Thursday, January 22, 2009

Home Birth vs. Hospital Birth

One of my students had a wonderful homebirth today.

I know their doula, Hannah, that attended their birth and I spoke with her this morning. She was on such a "birth high." She actually works for an adoption agency attending births with the birth mothers. As you can imagine, nearly all these women want the drugs. Hannah really believes in natural birth though. She offered her services for free (I can only picture Adam Sandler in "Bedtime Stories" when I say "for free") to 3 couples in my current class, hoping to get more experience with natural birth.

What a great birth to be at! Hannah had a hard time explaining how different the homebirth felt in comparison to the medicated hospital births she has attended. It really is a spiritual experience to birth your baby in the privacy and intimacy of your own home. To welcome this new person into your family. Not to be separated. I truly wish all women trusted themselves to birth their babies in this way. You have no idea what you are missing unless you have attended or birthed your babies at home.

I have another couple right now wrestling with their insurance over this issue. They are halfway through my classes on DVD and have been asking their doctor a lot of questions, mainly about fetal monitoring and skin-to-skin contact with the baby after the birth. While his answers were actually decent, he said his hands were tied due to hospital policy.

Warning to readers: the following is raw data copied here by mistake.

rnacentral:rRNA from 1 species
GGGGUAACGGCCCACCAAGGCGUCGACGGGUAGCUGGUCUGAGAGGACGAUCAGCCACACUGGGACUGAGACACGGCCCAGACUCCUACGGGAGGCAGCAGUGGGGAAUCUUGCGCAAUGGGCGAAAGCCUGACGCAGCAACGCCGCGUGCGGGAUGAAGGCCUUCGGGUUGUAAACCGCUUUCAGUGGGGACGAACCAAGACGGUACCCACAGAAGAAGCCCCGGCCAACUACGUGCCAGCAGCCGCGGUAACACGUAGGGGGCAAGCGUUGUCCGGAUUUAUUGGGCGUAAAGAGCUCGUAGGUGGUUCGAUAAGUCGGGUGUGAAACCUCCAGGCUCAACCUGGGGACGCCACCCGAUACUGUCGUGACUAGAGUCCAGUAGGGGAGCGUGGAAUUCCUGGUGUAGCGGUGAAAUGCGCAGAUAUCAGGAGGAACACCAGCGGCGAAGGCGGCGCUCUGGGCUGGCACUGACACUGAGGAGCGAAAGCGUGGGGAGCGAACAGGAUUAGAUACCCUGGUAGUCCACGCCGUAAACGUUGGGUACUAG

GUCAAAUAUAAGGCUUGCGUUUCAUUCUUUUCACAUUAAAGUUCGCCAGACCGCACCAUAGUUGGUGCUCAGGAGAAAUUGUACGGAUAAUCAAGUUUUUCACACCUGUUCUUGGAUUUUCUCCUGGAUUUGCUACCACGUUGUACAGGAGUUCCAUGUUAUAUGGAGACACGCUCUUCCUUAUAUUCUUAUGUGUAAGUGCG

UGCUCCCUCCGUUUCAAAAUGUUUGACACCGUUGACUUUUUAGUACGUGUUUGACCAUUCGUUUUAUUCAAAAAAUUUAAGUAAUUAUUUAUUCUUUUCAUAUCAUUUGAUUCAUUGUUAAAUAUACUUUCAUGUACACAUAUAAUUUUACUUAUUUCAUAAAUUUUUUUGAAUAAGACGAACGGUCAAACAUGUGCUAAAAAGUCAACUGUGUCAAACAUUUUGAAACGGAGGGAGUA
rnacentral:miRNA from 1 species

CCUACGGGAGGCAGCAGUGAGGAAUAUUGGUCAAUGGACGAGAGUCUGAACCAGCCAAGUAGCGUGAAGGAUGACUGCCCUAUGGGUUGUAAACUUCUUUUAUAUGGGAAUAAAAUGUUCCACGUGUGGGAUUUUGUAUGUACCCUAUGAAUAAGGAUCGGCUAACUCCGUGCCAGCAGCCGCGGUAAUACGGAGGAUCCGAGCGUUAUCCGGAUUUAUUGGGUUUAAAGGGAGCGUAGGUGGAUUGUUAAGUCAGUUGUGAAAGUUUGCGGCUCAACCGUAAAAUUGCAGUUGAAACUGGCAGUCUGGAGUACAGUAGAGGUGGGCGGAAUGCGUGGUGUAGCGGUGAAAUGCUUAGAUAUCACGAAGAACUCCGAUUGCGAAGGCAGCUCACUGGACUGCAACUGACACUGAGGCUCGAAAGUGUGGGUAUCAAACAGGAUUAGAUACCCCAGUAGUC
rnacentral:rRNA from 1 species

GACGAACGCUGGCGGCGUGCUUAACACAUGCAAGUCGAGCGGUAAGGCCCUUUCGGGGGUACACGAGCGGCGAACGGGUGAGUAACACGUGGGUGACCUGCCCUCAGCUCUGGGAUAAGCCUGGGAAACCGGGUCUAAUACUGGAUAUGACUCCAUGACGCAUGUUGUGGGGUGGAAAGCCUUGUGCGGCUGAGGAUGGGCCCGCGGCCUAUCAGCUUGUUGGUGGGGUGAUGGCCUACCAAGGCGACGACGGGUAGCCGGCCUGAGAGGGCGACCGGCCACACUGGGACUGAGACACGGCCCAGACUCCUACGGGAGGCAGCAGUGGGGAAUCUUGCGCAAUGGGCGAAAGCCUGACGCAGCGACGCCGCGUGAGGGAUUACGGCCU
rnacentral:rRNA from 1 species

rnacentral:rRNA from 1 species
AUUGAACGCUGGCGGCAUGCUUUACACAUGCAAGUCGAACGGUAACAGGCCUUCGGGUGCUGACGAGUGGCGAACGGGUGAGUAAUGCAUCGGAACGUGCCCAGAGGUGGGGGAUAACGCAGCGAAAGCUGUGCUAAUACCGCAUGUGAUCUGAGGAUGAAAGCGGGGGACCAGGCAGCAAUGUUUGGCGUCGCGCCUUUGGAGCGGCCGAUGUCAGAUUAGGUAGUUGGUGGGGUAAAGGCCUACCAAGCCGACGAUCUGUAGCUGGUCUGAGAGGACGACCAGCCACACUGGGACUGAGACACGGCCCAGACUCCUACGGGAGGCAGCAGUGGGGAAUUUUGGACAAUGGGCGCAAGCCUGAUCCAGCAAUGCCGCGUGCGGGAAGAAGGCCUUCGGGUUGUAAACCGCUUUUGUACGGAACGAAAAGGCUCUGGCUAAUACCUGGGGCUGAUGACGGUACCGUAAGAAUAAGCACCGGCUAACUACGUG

It is a tough thing to change your birth plans at 33 weeks, but I am so proud of couples that understand the significance of that move. It is taking your healthcare into your own hands. Birth is a life experience, not a medical event. Midwives generally acknowledge this with sensitivity, but doctors/surgeons rarely do. Their focus is solely on getting the baby out, no matter what the method.

This couple is doing their best to get covered to see a midwife, preferably in an out-of-hospital birthing center, but I don't know if their insurance will cover that. (Another topic for another day.)

If you have experienced the differences in hospital birth and homebirth, please feel free to put your experience in words.

7 comments:

Scott and Hannah said...

It was such a beautiful experience. I wish more people would be open to birthing at home. I guess that is what you and I were put here as advocates for!

Thanks for all your support, help, and advice. I surely don't know what I would do without your expertise!

Kristina said...

In very simple words I could sum up the difference between my hospital experience vs home birth experience as this: "We don't care if you are ready to push, you have to wait until we figure out where the doctor went," compared to "Are you ready to push?" (after I was fully dilated, of course.)

As for the insurance, when I called my insurance company about my midwife, they told me they would not cover her because my mw was a cpm, not a cnm. My mw, however, was lucky enough to have a skilled insurance person in her corner who's job it was to call the insurance company and make them see reason. In the end, it was just treated as an out-of-network provider.